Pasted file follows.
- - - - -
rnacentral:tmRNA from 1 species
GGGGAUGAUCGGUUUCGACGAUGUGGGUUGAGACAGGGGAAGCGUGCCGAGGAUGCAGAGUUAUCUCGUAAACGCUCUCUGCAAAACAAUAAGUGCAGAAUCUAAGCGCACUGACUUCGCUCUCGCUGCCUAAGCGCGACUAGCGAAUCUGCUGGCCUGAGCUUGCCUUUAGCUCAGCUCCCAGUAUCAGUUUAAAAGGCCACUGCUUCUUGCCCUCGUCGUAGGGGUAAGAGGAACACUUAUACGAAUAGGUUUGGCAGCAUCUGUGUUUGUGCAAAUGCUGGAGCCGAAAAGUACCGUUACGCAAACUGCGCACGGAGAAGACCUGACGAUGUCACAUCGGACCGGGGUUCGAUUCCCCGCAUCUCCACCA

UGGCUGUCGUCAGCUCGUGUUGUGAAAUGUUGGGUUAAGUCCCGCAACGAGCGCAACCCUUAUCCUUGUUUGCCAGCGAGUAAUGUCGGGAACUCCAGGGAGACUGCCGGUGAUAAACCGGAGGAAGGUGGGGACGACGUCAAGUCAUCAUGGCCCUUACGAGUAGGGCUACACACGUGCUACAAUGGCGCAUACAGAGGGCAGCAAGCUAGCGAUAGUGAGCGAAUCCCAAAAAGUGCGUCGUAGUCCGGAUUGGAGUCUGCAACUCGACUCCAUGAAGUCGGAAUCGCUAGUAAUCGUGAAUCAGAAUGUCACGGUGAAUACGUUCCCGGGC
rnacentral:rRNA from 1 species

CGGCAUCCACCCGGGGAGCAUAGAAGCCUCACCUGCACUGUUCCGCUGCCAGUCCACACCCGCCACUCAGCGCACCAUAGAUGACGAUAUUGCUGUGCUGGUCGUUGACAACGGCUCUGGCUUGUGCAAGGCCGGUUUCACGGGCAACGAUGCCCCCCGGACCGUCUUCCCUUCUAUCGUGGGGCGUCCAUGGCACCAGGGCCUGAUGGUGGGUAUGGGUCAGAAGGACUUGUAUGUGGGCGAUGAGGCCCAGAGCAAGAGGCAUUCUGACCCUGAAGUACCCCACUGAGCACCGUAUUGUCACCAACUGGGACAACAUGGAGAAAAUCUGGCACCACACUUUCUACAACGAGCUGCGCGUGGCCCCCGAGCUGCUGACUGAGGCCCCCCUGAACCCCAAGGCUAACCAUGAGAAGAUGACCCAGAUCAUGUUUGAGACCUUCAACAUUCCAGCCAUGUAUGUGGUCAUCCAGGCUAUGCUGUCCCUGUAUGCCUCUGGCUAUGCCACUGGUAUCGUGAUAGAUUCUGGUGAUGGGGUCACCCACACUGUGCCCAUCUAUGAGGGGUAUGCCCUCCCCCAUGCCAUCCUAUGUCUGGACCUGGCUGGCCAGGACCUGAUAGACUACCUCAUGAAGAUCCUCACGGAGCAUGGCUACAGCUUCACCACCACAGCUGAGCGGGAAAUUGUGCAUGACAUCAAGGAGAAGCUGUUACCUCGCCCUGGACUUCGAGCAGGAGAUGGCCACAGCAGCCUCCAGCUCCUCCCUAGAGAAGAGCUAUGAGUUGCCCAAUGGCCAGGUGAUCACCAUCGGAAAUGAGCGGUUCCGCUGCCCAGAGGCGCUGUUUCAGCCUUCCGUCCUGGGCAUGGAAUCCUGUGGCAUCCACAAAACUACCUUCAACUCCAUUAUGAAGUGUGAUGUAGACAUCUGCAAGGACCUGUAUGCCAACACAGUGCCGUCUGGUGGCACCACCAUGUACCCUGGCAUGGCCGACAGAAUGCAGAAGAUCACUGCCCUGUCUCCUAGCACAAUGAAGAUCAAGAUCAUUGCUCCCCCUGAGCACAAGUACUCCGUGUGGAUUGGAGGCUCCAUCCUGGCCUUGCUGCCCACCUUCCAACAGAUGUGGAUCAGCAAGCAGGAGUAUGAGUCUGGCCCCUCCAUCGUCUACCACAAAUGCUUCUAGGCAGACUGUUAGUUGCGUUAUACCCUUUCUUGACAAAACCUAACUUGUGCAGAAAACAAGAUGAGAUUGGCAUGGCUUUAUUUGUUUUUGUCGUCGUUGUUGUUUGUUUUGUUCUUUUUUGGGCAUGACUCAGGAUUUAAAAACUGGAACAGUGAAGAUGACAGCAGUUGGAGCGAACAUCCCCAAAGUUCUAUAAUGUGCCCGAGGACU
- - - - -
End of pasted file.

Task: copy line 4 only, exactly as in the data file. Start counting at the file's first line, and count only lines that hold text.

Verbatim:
rnacentral:rRNA from 1 species